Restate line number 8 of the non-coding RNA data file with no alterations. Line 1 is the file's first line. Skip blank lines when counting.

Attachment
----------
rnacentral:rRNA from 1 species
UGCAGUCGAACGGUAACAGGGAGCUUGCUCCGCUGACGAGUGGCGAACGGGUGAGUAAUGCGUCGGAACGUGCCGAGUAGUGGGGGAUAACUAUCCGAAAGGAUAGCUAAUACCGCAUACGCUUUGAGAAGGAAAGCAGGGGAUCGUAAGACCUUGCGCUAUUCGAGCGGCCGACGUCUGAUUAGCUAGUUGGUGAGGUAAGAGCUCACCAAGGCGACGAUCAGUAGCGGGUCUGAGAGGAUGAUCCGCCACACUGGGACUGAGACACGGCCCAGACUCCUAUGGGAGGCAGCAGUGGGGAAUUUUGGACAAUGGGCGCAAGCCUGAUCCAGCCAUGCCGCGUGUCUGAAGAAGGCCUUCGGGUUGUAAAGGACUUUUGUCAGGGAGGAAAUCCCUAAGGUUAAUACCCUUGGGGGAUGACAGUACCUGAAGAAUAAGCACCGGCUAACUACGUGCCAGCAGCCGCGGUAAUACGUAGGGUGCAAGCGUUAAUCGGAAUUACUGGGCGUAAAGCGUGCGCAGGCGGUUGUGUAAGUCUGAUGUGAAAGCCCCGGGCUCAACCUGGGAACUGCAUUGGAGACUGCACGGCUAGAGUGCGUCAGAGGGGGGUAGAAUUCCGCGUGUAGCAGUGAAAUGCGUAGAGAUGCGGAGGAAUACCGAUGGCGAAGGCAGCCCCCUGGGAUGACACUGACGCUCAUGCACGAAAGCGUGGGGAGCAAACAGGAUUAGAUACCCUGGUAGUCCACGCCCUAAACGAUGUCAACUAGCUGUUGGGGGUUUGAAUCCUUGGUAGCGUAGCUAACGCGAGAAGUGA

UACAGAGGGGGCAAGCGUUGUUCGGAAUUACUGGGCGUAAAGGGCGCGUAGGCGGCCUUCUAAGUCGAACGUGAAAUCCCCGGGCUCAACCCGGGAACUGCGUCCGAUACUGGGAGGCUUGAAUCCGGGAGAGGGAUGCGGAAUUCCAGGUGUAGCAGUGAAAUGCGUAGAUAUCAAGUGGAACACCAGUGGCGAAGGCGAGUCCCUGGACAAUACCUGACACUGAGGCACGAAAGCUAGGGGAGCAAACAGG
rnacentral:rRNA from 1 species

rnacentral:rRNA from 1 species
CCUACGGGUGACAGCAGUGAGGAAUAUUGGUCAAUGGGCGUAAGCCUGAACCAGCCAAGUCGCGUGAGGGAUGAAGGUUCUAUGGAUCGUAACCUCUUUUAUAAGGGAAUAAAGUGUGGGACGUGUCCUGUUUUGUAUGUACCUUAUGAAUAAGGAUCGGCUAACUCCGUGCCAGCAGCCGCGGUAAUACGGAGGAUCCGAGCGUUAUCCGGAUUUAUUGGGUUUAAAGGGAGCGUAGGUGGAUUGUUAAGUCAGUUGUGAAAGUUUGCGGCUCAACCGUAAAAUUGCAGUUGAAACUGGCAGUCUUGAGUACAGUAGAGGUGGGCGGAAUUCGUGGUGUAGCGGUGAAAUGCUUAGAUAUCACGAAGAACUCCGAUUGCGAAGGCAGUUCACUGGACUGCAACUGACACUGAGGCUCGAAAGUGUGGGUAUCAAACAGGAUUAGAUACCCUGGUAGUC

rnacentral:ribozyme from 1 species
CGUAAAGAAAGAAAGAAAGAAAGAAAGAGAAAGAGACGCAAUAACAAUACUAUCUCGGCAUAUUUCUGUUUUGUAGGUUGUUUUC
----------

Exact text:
CGUAAAGAAAGAAAGAAAGAAAGAAAGAGAAAGAGACGCAAUAACAAUACUAUCUCGGCAUAUUUCUGUUUUGUAGGUUGUUUUC